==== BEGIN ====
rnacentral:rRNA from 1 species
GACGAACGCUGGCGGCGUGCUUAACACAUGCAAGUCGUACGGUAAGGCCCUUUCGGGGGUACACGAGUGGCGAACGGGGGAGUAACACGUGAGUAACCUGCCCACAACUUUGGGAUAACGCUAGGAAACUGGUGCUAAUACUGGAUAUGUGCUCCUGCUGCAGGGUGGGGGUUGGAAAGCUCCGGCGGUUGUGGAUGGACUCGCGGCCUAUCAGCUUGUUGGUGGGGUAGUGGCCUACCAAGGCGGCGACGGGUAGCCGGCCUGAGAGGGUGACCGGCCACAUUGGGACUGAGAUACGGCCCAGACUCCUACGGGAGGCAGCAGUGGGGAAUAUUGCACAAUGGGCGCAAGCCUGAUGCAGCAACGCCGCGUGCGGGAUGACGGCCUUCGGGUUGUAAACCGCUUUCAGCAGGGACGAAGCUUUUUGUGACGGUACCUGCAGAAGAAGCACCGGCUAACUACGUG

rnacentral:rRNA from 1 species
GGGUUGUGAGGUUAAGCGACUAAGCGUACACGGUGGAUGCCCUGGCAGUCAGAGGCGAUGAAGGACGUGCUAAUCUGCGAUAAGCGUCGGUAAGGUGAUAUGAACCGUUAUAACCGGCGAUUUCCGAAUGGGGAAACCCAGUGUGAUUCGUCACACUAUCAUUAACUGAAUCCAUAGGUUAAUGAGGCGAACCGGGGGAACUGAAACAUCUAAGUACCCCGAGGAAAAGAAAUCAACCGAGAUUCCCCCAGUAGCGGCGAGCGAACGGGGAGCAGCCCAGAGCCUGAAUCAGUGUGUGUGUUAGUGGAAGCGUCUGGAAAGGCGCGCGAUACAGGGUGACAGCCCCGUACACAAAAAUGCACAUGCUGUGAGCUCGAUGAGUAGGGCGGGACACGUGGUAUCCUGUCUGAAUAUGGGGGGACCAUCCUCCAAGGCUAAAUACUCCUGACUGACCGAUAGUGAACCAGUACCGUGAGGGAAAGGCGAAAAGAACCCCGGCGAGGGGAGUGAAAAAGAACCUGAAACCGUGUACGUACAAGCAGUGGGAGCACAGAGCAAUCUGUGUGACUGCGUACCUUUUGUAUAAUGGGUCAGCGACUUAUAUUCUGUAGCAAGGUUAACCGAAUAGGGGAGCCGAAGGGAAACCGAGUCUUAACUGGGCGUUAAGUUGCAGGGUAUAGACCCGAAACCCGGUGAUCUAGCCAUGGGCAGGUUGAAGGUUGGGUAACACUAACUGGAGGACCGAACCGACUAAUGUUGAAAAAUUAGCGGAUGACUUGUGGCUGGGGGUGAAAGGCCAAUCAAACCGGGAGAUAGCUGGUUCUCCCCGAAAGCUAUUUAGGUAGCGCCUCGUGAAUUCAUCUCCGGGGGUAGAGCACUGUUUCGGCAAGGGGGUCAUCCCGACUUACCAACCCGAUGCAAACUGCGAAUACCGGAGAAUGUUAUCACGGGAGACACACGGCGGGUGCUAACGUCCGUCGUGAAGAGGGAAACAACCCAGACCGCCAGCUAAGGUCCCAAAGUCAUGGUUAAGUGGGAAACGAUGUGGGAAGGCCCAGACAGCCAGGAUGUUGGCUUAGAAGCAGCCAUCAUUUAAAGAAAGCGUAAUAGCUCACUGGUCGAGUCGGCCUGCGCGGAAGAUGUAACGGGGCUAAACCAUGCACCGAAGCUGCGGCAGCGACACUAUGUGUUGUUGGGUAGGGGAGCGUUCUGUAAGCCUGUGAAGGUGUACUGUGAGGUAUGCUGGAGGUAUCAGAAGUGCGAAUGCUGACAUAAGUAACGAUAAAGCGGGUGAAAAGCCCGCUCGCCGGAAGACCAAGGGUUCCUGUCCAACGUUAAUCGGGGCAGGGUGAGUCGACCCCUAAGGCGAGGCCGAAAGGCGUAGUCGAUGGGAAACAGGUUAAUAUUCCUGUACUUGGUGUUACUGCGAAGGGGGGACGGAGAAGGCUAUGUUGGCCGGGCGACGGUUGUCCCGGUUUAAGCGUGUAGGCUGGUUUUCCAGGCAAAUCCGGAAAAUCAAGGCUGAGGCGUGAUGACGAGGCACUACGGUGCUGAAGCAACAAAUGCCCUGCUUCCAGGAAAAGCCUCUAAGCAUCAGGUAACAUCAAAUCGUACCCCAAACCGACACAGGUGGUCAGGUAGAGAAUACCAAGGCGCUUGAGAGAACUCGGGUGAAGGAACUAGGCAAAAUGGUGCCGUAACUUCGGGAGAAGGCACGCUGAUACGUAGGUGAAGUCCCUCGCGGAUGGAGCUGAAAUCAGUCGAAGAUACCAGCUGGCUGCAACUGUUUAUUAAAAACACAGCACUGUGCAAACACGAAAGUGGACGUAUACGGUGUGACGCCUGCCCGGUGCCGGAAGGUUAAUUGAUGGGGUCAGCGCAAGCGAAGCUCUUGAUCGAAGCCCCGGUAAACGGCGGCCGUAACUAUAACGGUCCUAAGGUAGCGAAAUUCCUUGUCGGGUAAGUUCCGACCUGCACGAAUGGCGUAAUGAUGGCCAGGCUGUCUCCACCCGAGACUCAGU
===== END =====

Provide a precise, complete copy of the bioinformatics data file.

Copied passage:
rnacentral:rRNA from 1 species
GACGAACGCUGGCGGCGUGCUUAACACAUGCAAGUCGUACGGUAAGGCCCUUUCGGGGGUACACGAGUGGCGAACGGGGGAGUAACACGUGAGUAACCUGCCCACAACUUUGGGAUAACGCUAGGAAACUGGUGCUAAUACUGGAUAUGUGCUCCUGCUGCAGGGUGGGGGUUGGAAAGCUCCGGCGGUUGUGGAUGGACUCGCGGCCUAUCAGCUUGUUGGUGGGGUAGUGGCCUACCAAGGCGGCGACGGGUAGCCGGCCUGAGAGGGUGACCGGCCACAUUGGGACUGAGAUACGGCCCAGACUCCUACGGGAGGCAGCAGUGGGGAAUAUUGCACAAUGGGCGCAAGCCUGAUGCAGCAACGCCGCGUGCGGGAUGACGGCCUUCGGGUUGUAAACCGCUUUCAGCAGGGACGAAGCUUUUUGUGACGGUACCUGCAGAAGAAGCACCGGCUAACUACGUG

rnacentral:rRNA from 1 species
GGGUUGUGAGGUUAAGCGACUAAGCGUACACGGUGGAUGCCCUGGCAGUCAGAGGCGAUGAAGGACGUGCUAAUCUGCGAUAAGCGUCGGUAAGGUGAUAUGAACCGUUAUAACCGGCGAUUUCCGAAUGGGGAAACCCAGUGUGAUUCGUCACACUAUCAUUAACUGAAUCCAUAGGUUAAUGAGGCGAACCGGGGGAACUGAAACAUCUAAGUACCCCGAGGAAAAGAAAUCAACCGAGAUUCCCCCAGUAGCGGCGAGCGAACGGGGAGCAGCCCAGAGCCUGAAUCAGUGUGUGUGUUAGUGGAAGCGUCUGGAAAGGCGCGCGAUACAGGGUGACAGCCCCGUACACAAAAAUGCACAUGCUGUGAGCUCGAUGAGUAGGGCGGGACACGUGGUAUCCUGUCUGAAUAUGGGGGGACCAUCCUCCAAGGCUAAAUACUCCUGACUGACCGAUAGUGAACCAGUACCGUGAGGGAAAGGCGAAAAGAACCCCGGCGAGGGGAGUGAAAAAGAACCUGAAACCGUGUACGUACAAGCAGUGGGAGCACAGAGCAAUCUGUGUGACUGCGUACCUUUUGUAUAAUGGGUCAGCGACUUAUAUUCUGUAGCAAGGUUAACCGAAUAGGGGAGCCGAAGGGAAACCGAGUCUUAACUGGGCGUUAAGUUGCAGGGUAUAGACCCGAAACCCGGUGAUCUAGCCAUGGGCAGGUUGAAGGUUGGGUAACACUAACUGGAGGACCGAACCGACUAAUGUUGAAAAAUUAGCGGAUGACUUGUGGCUGGGGGUGAAAGGCCAAUCAAACCGGGAGAUAGCUGGUUCUCCCCGAAAGCUAUUUAGGUAGCGCCUCGUGAAUUCAUCUCCGGGGGUAGAGCACUGUUUCGGCAAGGGGGUCAUCCCGACUUACCAACCCGAUGCAAACUGCGAAUACCGGAGAAUGUUAUCACGGGAGACACACGGCGGGUGCUAACGUCCGUCGUGAAGAGGGAAACAACCCAGACCGCCAGCUAAGGUCCCAAAGUCAUGGUUAAGUGGGAAACGAUGUGGGAAGGCCCAGACAGCCAGGAUGUUGGCUUAGAAGCAGCCAUCAUUUAAAGAAAGCGUAAUAGCUCACUGGUCGAGUCGGCCUGCGCGGAAGAUGUAACGGGGCUAAACCAUGCACCGAAGCUGCGGCAGCGACACUAUGUGUUGUUGGGUAGGGGAGCGUUCUGUAAGCCUGUGAAGGUGUACUGUGAGGUAUGCUGGAGGUAUCAGAAGUGCGAAUGCUGACAUAAGUAACGAUAAAGCGGGUGAAAAGCCCGCUCGCCGGAAGACCAAGGGUUCCUGUCCAACGUUAAUCGGGGCAGGGUGAGUCGACCCCUAAGGCGAGGCCGAAAGGCGUAGUCGAUGGGAAACAGGUUAAUAUUCCUGUACUUGGUGUUACUGCGAAGGGGGGACGGAGAAGGCUAUGUUGGCCGGGCGACGGUUGUCCCGGUUUAAGCGUGUAGGCUGGUUUUCCAGGCAAAUCCGGAAAAUCAAGGCUGAGGCGUGAUGACGAGGCACUACGGUGCUGAAGCAACAAAUGCCCUGCUUCCAGGAAAAGCCUCUAAGCAUCAGGUAACAUCAAAUCGUACCCCAAACCGACACAGGUGGUCAGGUAGAGAAUACCAAGGCGCUUGAGAGAACUCGGGUGAAGGAACUAGGCAAAAUGGUGCCGUAACUUCGGGAGAAGGCACGCUGAUACGUAGGUGAAGUCCCUCGCGGAUGGAGCUGAAAUCAGUCGAAGAUACCAGCUGGCUGCAACUGUUUAUUAAAAACACAGCACUGUGCAAACACGAAAGUGGACGUAUACGGUGUGACGCCUGCCCGGUGCCGGAAGGUUAAUUGAUGGGGUCAGCGCAAGCGAAGCUCUUGAUCGAAGCCCCGGUAAACGGCGGCCGUAACUAUAACGGUCCUAAGGUAGCGAAAUUCCUUGUCGGGUAAGUUCCGACCUGCACGAAUGGCGUAAUGAUGGCCAGGCUGUCUCCACCCGAGACUCAGU